China’s yuan fell 0.1% and traded near a two-month low after data showed industrial production and retail sales grew less than expected in April. The readings, which come on the heels of several weak economic indicators earlier this month, point to a staggered recovery in Asia’s largest economy, even after the country relaxed most anti-COVID measures earlier this year.
The weak data also saw markets positioning for a potential 25 basis point rate cut by the People’s Bank next month, which is likely to fuel further weakness in the yuan. The currency was trading just shy of the psychologically important 7 level against the dollar.
Weakness in China spilled over into other Asian currency markets, particularly those with a high trade exposure to the country. The South Korean won fell 0.1%, while the Thai baht led losses across Southeast Asia with a 0.3% dip, as traders also locked in recent profits in the currency.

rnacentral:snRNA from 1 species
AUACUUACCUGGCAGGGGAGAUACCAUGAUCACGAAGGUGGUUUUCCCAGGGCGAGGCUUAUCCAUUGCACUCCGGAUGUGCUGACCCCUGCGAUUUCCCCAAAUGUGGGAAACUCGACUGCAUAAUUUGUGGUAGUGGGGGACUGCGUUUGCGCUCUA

Sentiment towards risk-driven assets was also rattled by a slew of Federal Reserve officials warning that the bank could still act further to bring down stubborn inflation. Four regional Fed presidents said in separate addresses that interest rates were likely to stay higher for longer, with some officials also raising the possibility of more interest rate hikes.
The dollar index and dollar index futures steadied near a one-month high on Tuesday, after logging small losses in the prior session. But the greenback still strengthened against the Japanese yen by about 0.1%.
Several more Fed speakers are also lined up for the week, most notably Chair Jerome Powell on Friday.
Fed Fund futures prices show that markets are still positioning for a pause in the Fed’s rate hike cycle in June. But traders are also factoring in a small chance of a 25 basis point hike.
The prospect of U.S. rates remaining higher for longer bodes poorly for Asian currencies, as the gap between risky and low-risk yields narrows.
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